Comparing China's Health-Care Spending to the CNOOC-Nexen Deal
The CNOOC $15.1-billion acquisition of Nexen stirred up a nationwide debate in Canada, not least because of a premium price tag that no other big oil player around the world considered matching.
The source of CNOOC’s unrivaled financial power lies in Chinese government fiscal planning that places state capital expansion above the welfare of ordinary Chinese people. For example, despite its sixfold increase over the past five years, China’s government-funded health-care spending per person reached only 240 Chinese Yuan (less than $40) in 2012. That is less than 1% of the per-person health-care spending funded by Canadian governments, which is predicted to be over $5,900 in 2012. The Government of China, in 2012, funded $70 billion of FDI outflow through its state-owned enterprises (including the CNOOC takeover of Nexen) but only budgeted $51 billion of government health-care spending.
Fortunately, the Chinese government is talking about rebalancing its economic structure. That is, it will pay more attention to increasing domestic consumption and strengthening the social safety net than to expanding capital formation at any cost. For example, the latest government report delivered by China’s out-going premier Wen Jiabao on March 5, 2013 promised a 17% increase in government health-care spending to $44 per person for 2013. That is roughly $60 billion in total, albeit only about four times the CNOOC-Nexen deal of $15.1 billion. Imagine that, if the Chinese government truly focused on its people’s well-being and increased its health-care spending steadily at 17% annually, government health spending will reach $100 per person, or more than $150 billion in total, within the next six years or so.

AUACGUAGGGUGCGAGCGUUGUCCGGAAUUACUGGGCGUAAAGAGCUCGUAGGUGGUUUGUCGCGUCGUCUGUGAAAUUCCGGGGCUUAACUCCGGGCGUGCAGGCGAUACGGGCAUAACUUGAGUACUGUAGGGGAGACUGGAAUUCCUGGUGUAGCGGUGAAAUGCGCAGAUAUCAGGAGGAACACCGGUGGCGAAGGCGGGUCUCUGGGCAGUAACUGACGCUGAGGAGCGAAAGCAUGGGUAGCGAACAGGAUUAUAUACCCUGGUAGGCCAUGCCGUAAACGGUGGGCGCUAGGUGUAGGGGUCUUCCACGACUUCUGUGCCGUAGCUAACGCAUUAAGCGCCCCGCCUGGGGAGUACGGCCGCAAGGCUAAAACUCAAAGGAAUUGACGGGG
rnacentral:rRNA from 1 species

Such a rebalanced economic growth in China might imply fewer SOE acquisitions targeting our natural resources but may generate more opportunities for Canadians to invest in and trade with China because of its huge market for health care and other consumer goods and services. Canada should plan ahead to exercise our comparative advantage in these fields in China while watching whether its government is a true believer in free trade.
Duanjie Chen is a Research Fellow with The School of Public Policy